These studies look at the effects of breastfeeding on children’s mental health, behaviour and emotional development.
A Future for the World’s Children?
A major new report commissioned by the World Health Organization (WHO), Unicef and The Lancet details new risks and solutions related to child health and wellbeing. This commission took more than two years to develop and reflects combined knowledge from 40 child health experts from around the world. The importance of close and loving relationships between parents and babies was evidenced in the report, highlighting the effects of early nurturing on later development in children:
“Beginning with the maternal-infant dyad, the child’s biological and developmental trajectory is ideally set in the context of nurturing relationships. The rights, freedoms, and entitlements of children can only be advanced when the entitlements of their mothers and care givers are realised. Moves to promote gender equality will improve nurturing care in the early years of life.”
The need to get babies off to a good start and how that effects on development and growth is also supported within the report:
“Evidence from longitudinal studies reports that the benefits of healthy childhood development extend to older ages: birth weight, infant growth, and peak physical and cognitive capacities in childhood are associated with or predictive of older adults’ physical and cognitive capacities, muscle strength, bone mass, lens opacity, hearing capacity, skin thickness, and life expectancy.”
Impact of breastfeeding on child behaviour
This study of 10,037 mother-child pairs from the Millennium Cohort Study used a Strengths and Difficulties Questionnaire (SDQ) to examine the impact of breastfeeding on children’s behaviour at five years old. Researchers found that term children breastfed for four months or longer had lower odds of abnormal SDQ scores compared with never breastfed children. In preterm children, longer duration of breastfeeding was generally associated with lower odds of abnormal SDQ total and subscores but the effect estimates were imprecise. The associations between exclusive breast feeding and abnormal SDQ scores were similar to those of any breast feeding and abnormal SDQ scores.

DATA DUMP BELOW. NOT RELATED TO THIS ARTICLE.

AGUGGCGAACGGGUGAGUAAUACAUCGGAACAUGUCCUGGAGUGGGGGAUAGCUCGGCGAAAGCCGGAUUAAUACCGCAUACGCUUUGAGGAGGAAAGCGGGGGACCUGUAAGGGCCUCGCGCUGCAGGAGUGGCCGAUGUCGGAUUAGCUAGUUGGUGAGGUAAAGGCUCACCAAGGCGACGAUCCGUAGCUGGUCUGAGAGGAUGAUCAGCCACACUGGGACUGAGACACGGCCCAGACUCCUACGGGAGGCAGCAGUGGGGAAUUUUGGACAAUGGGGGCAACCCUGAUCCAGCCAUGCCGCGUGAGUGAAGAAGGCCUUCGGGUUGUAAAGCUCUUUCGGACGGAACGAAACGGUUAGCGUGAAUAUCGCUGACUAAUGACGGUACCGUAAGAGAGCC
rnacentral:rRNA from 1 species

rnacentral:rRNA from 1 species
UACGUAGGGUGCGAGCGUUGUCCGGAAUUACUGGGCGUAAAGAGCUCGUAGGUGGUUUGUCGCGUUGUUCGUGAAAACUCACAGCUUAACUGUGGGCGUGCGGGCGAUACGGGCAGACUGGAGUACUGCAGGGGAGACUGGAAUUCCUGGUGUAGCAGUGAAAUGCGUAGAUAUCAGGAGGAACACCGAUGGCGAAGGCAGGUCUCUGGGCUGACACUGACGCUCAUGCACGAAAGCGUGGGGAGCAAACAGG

Maternal-child interaction and emotional development
This longitudinal study investigated the relative importance of emotional availability in 56 mother–child dyads at seven months, as a predictor of child’s Theory of Mind at four years. The authors found that strong maternal ability at seven months predicted the child’s Theory of Mind, that is, a child’s ability to understand that others have beliefs, desires, intentions, and perspectives that are different from their own. Results indicate the specific importance of high emotional connectedness between mothers and infants for infants’ Theory of Mind development.
Long-term effects of breastfeeding on child and adolescent mental health
This Australian study recruited 2,900 pregnant women and, for those who had live births, mental health was tested at 2, 6, 8, 10 and 14 years. The tool allowed for assessment of “internalised” issues such as being withdrawn, anxious/depressed and for “externalised” issues such as delinquent or aggressive behaviour. Maternal confounders such as age, education, smoking, family income, family structure, life stress events and depression were taken into account. The researchers found that breastfeeding for less than 6 months compared with 6 months or more was an independent predictor of mental health problems, both internalised and externalised through childhood and into adolescence.
Breastfeeding duration and emotional attachment
This study examined whether twins who differ in the extent of their exposure to breastfeeding exhibit different attachment patterns by the time they reach toddlerhood. Researchers found that, independent of genetic and shared environmental influences, breastfeeding duration increases the security of attachment among females.
Impact of breastfeeding on child behaviour
Researchers used data from the Millenium Cohort Study to examine whether breastfeeding is associated with behavioural development in children aged 5 years. Child behaviour was assessed using a parent-completed questionnaire, the Strengths and Difficulties Questionnaire (SDQ). Abnormal SDQ scores were less common in term children than pre-term children. Term children breastfed for 4 months or longer had lower odds of an abnormal total SDQ score. In preterm children, longer duration of breastfeeding was generally associated with lower odds of abnormal SDQ total and sub-scores but the effect estimates were imprecise. The associations between exclusive breastfeeding and abnormal SDQ scores were similar to those of any breastfeeding and abnormal SDQ scores. The findings suggest that longer duration of breastfeeding is associated with fewer parent-rated behavioural problems in children aged 5 years. This association was also noted even when the researchers took into account other influences such as socio-economic or parental factors.